Back in 2014, when Joe Biden was the US Vice President, he stood in the White House’s East Room with cameras recording his every move. Positioned in front of American flags and Irish tricolours, he spoke:
“In 1963, President Kennedy addressed the Irish Parliament and he said, and I quote, ‘Our two nations, divided by distance, have been united by history… and nothing exemplifies this bond more than this building. It was designed by an Irishman named James Hoban.”
Biden, who is now 46th President – and the 23rd to come from Irish descent – is quick to recognise the contributions Irish people have made to the US. But, in the case of James Hoban, his success and influence is largely owed to America’s first president, George Washington.
A success story beginning with meagre means
James Hoban was born around 1760 near Callan, Co. Kilkenny. Although the details of his early life aren’t completely clear, we know he was born to Martha and Edward Hoban and had at least three siblings – Joseph, Philip and Ann.
The family lived in a thatched cottage on the huge Desart estate which belonged to a wealthy Baron named John Cuffe. Hoban’s father was probably a tenant farmer or a laborer on the estate. The precise connection isn’t known, but Hoban was educated while living here and became a skilled carpenter and wheel maker.
Hoban must have shown skill because, despite his modest upbringing, he went on to study at the Dublin Society’s School of Architectural Drawing in 1780. Because the Society aimed to advance the arts in Ireland, poor students who displayed great talent didn’t have to pay fees to attend.
At the school, which was based on Grafton Street, Hoban won a Duke of Leinster medal for drawings of brackets, stairs and roofs. The school’s principal Thomas Ivory, who was responsible for lots of Dublin’s Georgian buildings, then employed him as an apprentice.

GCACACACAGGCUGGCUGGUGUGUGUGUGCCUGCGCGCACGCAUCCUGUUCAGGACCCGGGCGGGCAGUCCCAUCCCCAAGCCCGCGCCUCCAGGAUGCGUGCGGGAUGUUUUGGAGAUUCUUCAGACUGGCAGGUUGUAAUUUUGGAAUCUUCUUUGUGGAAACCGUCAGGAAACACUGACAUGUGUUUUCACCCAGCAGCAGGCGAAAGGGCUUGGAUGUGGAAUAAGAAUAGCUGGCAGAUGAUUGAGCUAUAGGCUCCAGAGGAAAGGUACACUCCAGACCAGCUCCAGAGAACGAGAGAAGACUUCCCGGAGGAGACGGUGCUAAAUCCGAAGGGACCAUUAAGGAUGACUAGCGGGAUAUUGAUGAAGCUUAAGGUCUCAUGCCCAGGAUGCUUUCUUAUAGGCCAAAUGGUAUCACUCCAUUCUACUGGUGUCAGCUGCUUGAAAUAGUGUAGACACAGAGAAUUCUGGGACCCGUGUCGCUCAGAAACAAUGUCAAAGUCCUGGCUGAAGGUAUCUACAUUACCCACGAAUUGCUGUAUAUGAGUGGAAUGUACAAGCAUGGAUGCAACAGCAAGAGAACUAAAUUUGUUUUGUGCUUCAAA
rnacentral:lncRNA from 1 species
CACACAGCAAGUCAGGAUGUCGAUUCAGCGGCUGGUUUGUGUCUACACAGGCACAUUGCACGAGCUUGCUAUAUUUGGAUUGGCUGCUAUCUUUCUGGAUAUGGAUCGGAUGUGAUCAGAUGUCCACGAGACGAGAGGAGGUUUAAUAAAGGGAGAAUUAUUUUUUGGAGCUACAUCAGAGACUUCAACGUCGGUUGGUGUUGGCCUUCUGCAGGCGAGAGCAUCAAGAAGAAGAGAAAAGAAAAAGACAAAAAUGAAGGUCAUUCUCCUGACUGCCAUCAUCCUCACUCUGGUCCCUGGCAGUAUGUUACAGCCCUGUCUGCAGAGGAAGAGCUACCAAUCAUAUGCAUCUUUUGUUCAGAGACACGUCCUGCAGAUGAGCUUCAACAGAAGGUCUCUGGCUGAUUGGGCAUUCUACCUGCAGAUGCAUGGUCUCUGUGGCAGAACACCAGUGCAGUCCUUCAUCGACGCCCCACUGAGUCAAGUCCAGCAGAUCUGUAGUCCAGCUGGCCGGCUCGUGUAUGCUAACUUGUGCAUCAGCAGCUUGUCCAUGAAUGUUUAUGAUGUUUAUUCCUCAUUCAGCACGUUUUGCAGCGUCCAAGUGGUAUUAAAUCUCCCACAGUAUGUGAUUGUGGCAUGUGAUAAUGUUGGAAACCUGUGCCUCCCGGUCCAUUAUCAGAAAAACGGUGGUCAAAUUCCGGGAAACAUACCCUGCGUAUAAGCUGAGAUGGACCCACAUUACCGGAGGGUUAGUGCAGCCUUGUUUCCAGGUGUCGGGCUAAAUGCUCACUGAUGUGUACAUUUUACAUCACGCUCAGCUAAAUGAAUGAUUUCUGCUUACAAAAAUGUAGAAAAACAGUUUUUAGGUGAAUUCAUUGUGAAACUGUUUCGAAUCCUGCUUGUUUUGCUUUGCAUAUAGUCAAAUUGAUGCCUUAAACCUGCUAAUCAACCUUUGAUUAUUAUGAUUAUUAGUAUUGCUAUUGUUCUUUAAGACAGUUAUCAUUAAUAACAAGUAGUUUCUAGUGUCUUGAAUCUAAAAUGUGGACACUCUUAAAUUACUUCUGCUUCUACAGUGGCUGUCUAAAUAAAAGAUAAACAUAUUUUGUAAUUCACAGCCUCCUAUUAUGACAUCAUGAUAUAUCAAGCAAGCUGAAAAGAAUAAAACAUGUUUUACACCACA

Emigrating to America
Hoban became an ambitious architect and, by 1785, he had emigrated to Philadelphia to seek out success. But by April 1787, he had relocated to Charleston in South Carolina where his Georgian style architecture began to appear among the city’s post-revolution buildings.
Records from the Charleston County Public Library show that Hoban wasn’t alone in the city. Other members of the Hoban family, including his brothers Philip and Joseph, were also living there at this time.
Partnering with an Irish carpenter called Pierce Purcell, Hoban worked on both public buildings and private houses. Their work included the thousand-seat Charleston Theatre and the Charleston County Courthouse.
For use as his home and office, Hoban also bought a plot of land and built a three-story structure on it. In 1790, he opened a drawing school here as well.
By May 1791, when George Washington visited Charleston as part of his southern tour, Hoban was a prominent figure in the community. He was made known to the president when local leaders were guiding him through the city and pointing out its most prestigious buildings.
A 1972 report in the Charleston City Gazette, which is in the Charleston Library’s archives, said: “Mr. Hoban was introduced to him as a man of merit and of genius, under the patronage of General Moultrie, Mr. Butler, &c.”
At this time, Pierce Butler was a senator and a rice planter. But as one of America’s three Irish-born founding fathers, he was also a trusted associate of Washington so his recommendation held significance.
Building the White House